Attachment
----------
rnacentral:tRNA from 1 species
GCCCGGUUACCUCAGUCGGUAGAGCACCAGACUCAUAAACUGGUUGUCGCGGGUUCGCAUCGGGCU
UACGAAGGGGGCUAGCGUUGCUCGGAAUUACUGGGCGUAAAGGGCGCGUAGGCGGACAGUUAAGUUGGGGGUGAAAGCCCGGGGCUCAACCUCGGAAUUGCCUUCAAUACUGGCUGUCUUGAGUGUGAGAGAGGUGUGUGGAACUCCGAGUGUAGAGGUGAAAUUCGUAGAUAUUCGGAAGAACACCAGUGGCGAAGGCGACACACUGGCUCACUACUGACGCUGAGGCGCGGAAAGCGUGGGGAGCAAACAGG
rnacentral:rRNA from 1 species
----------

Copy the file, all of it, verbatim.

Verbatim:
rnacentral:tRNA from 1 species
GCCCGGUUACCUCAGUCGGUAGAGCACCAGACUCAUAAACUGGUUGUCGCGGGUUCGCAUCGGGCU
UACGAAGGGGGCUAGCGUUGCUCGGAAUUACUGGGCGUAAAGGGCGCGUAGGCGGACAGUUAAGUUGGGGGUGAAAGCCCGGGGCUCAACCUCGGAAUUGCCUUCAAUACUGGCUGUCUUGAGUGUGAGAGAGGUGUGUGGAACUCCGAGUGUAGAGGUGAAAUUCGUAGAUAUUCGGAAGAACACCAGUGGCGAAGGCGACACACUGGCUCACUACUGACGCUGAGGCGCGGAAAGCGUGGGGAGCAAACAGG
rnacentral:rRNA from 1 species